How Old is Too Old for Tire Shop Equipment?

How Old is Too Old for Tire Shop Equipment?

When we asked tire dealers what the No. 1 reason was for their last shop equipment replacement, updated technology was the No. 1 answer.

In this week’s show, we’re talking about shop equipment – more specifically, we’re talking about determining the right time to replace your shop equipment. Here’s the thing about tire shops: You don’t really need all that much equipment to get the job done. Sure, if you want to, you can go all out and deck your bays out with the latest ADAS calibration systems and giant automated robotic tire changers… but really, all you actually need is a tire changer and maybe a wheel balancer to consider yourself a bona fide tire business.


Our latest survey shows this, with nearly every dealer who took the survey telling us they have at least a wheel balancer and tire changer in their shop. Of course, most of you do more than sell and install tires, so those shops also come stocked with a lift and alignment rack.

Brake lathes are rather hit or miss with 60% of dealers reporting they own one, and, as expected, not many shops have invested in tread depth scanners or ADAS calibration systems. This makes sense when you consider the upfront investment and space requirements these two equipment choices require, though that’s not to say the dealers who own them aren’t getting great use out of them.


Here’s something I found especially interesting: Look at the results when we asked tire dealers how old their oldest equipment is. The graphs depicting the age of wheel balancers and tire changers, which nearly all tire dealers say they own, look pretty close, with most dealers telling us this equipment in their shop is between 3-5 years old, and very few are holding on to this equipment once they hit double-digits in age.


Now, compare these results to tire dealers’ oldest brake lathes and lifts. Here, we see that right around half of dealers in both cases are holding on to this equipment for 11 years or longer. Can you guess why there’s such a disparity between tire changers and balancers on the one hand and brake lathes and lifts on the other?

Well, here’s a hunch. In most cases, I don’t think it comes down to a matter of more solid production or better or worse quality assembly. I think it’s more so about technology. Brake lathe and lift technology just doesn’t have to evolve at the same pace as technology does in tire changers and wheel balancers.

That’s not to say there isn’t a good reason to replace lathes and lifts earlier than 11 years – new EVs on the road, for instance, might require you to buy new lifts sooner than you expected to handle the additional load if you begin servicing these vehicles – but in general, tire dealers can get away with holding on to this equipment longer. Now consider changes in vehicle types and trends as it relates to rim sizes, new tire compositions, low profile tires, the emergence of TPMS, even fuel economy regulations on the commercial tire side… all of this could affect whether or not your tire equipment is equipped to do the job you need it to do.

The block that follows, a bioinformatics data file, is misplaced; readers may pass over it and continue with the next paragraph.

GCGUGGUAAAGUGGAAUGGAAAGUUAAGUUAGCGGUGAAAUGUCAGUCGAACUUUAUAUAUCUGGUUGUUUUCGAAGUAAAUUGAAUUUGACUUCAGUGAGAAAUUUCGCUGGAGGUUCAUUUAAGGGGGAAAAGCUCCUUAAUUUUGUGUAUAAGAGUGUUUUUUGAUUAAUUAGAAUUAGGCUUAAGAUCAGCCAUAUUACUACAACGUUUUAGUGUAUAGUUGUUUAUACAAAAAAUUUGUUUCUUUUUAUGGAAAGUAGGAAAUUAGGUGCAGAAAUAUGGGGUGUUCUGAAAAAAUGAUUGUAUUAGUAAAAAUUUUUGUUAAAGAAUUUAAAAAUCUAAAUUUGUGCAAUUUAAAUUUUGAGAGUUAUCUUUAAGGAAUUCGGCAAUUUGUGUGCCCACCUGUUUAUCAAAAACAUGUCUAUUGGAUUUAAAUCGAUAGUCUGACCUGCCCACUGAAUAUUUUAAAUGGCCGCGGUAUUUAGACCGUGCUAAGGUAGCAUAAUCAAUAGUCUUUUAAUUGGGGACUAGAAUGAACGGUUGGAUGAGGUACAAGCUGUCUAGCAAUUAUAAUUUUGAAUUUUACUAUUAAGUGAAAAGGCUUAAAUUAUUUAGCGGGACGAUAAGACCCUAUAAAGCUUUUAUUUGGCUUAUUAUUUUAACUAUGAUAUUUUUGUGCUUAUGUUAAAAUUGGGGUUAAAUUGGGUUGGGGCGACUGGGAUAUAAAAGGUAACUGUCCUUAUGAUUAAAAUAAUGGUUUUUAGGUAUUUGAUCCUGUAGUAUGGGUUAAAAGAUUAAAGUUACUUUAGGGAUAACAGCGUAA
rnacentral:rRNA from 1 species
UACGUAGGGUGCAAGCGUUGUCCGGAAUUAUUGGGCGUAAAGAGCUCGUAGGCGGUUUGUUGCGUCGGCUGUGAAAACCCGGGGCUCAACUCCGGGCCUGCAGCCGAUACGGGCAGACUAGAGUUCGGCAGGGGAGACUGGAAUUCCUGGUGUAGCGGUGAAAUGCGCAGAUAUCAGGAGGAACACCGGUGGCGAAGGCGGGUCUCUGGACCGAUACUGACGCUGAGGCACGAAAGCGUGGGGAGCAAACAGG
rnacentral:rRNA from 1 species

And, actually, when we asked tire dealers what the No. 1 reason was for their last shop equipment replacement, updated technology was the No. 1 answer, followed by repairs being too costly, and age. It just goes to show how much tire dealers need to be keeping up with tire technology to keep their businesses moving. At first thought, it’s easy to say that there isn’t much to tires – I mean, they’re all black and round, right? But this data tells us that if you aren’t staying on your toes and pivoting with the trends in this industry… you’re going to get left behind.

For more business intelligence data to help boost tire dealer profitability, be sure to watch out for our next episode of Rollin’ with the Numbers.

You May Also Like

Bridgestone Golf CEO Dan Murphy shares what links tires to teeing up Tiger Woods – PART II

In Part II of this interview, Dan talks about how tire tread patterns have influenced golf ball design, and vice versa.


Tiger Woods, Jason Day and Freddie Couples are just a few of the names linked to the quality and precision behind Bridgestone Golf – but the man behind the scenes who helped create and catapult the Bridgestone Golf brand to PGA grounds is Dan Murphy, the company's current president and CEO.

How do you define a tire tier?

Tire dealers provided various views on what attributes define a tire manufacturer’s tier.

RwtNMAR tire tiers
Don’t overlook the importance of EV service training

We look at our data from tire dealers surrounding EV service and discuss how not providing training could be detrimental.

RwtN Feb
Using regional trends to develop an EV tire and service strategy

Understanding where EV hotspots in the country are can better prepare you and your customers for current EV trends.

What Economic Trends Affected the Tire Industry in 2023?

We’re reviewing data from 2023 that tells us a lot about automotive and tire trends moving forward.


Other Posts

Continental Tire discusses how prioritizing dealer feedback maximizes profits

Continental Tire executives talk about the status of the PLT tire market, the company’s strategic balance between OE and replacement tire offerings, and more.

Michelin leadership talks EVs, sustainability and airless tires

Executives discuss the future of sustainable tire manufacturing, the relationship between EVs and tire waste and what’s next for airless tire technology.

EV tire satisfaction gap widens as wear rates increase, J.D. Power study finds

The J.D. Power study shows that EV owners have similar expectations of tire wear as owners of gas-powered vehicles do.

Continental Tire introduces six new/refreshed tire products during 2024 GOLD dealer meeting

Company leadership also detailed updates to marketing/incentive programs.